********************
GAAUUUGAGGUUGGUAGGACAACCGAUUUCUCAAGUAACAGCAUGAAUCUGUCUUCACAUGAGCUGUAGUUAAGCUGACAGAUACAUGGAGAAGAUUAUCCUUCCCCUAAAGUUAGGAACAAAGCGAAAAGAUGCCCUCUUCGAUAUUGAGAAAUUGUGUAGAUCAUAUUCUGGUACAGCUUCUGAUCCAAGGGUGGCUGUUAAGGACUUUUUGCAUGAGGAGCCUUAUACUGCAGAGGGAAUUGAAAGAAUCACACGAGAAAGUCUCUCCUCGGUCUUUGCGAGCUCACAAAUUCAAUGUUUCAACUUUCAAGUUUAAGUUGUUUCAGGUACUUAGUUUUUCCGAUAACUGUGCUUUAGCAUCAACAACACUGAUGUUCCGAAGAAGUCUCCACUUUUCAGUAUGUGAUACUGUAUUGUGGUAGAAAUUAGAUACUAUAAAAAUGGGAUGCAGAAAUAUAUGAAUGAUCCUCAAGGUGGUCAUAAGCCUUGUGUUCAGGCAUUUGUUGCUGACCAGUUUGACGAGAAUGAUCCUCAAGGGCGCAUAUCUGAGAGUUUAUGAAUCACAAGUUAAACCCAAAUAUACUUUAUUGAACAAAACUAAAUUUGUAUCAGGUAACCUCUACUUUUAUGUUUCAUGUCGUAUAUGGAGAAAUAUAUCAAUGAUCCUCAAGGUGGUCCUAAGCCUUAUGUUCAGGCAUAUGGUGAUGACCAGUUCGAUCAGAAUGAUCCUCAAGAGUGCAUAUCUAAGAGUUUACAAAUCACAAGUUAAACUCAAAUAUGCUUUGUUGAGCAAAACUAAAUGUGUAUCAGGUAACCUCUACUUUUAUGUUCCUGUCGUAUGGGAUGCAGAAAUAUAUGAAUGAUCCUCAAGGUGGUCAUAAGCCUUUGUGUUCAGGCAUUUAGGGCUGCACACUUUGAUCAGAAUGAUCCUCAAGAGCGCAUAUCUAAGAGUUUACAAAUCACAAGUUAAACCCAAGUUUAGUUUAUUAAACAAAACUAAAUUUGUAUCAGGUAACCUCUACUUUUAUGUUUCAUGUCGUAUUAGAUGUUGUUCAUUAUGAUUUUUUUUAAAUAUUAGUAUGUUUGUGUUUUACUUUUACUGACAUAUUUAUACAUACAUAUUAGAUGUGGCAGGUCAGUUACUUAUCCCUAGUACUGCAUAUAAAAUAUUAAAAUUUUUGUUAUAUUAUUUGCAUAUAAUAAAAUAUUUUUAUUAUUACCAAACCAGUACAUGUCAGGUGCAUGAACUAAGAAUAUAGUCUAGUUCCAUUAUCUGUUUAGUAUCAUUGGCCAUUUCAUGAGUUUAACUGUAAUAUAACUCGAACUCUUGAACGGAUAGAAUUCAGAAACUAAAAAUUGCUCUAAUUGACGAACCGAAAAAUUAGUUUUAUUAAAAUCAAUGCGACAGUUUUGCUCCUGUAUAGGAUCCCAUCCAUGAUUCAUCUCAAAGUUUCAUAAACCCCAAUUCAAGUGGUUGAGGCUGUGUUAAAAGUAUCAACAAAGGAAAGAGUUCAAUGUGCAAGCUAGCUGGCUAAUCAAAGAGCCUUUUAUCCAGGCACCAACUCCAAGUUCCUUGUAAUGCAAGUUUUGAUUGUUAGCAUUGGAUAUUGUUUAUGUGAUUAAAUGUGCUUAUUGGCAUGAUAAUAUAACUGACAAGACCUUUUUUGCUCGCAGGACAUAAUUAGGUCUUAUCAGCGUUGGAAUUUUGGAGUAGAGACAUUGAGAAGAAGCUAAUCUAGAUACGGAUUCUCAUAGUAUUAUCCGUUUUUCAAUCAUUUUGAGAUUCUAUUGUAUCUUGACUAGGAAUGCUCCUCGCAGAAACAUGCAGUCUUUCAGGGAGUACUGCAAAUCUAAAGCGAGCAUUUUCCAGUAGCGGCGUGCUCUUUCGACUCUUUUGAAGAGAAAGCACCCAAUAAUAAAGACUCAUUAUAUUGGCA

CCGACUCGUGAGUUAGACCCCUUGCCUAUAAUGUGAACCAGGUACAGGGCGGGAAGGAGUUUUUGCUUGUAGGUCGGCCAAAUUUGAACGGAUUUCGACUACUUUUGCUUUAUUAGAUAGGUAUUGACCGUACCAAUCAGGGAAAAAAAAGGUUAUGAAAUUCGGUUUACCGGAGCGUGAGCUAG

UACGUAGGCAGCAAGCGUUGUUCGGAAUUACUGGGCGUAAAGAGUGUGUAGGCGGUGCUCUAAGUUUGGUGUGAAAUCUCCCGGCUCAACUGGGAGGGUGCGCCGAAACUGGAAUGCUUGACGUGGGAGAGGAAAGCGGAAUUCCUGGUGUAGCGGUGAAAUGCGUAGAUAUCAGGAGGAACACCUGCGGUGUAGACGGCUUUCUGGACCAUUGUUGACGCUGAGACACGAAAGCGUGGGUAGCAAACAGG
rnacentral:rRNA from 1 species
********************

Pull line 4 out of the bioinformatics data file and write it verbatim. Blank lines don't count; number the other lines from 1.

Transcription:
rnacentral:rRNA from 1 species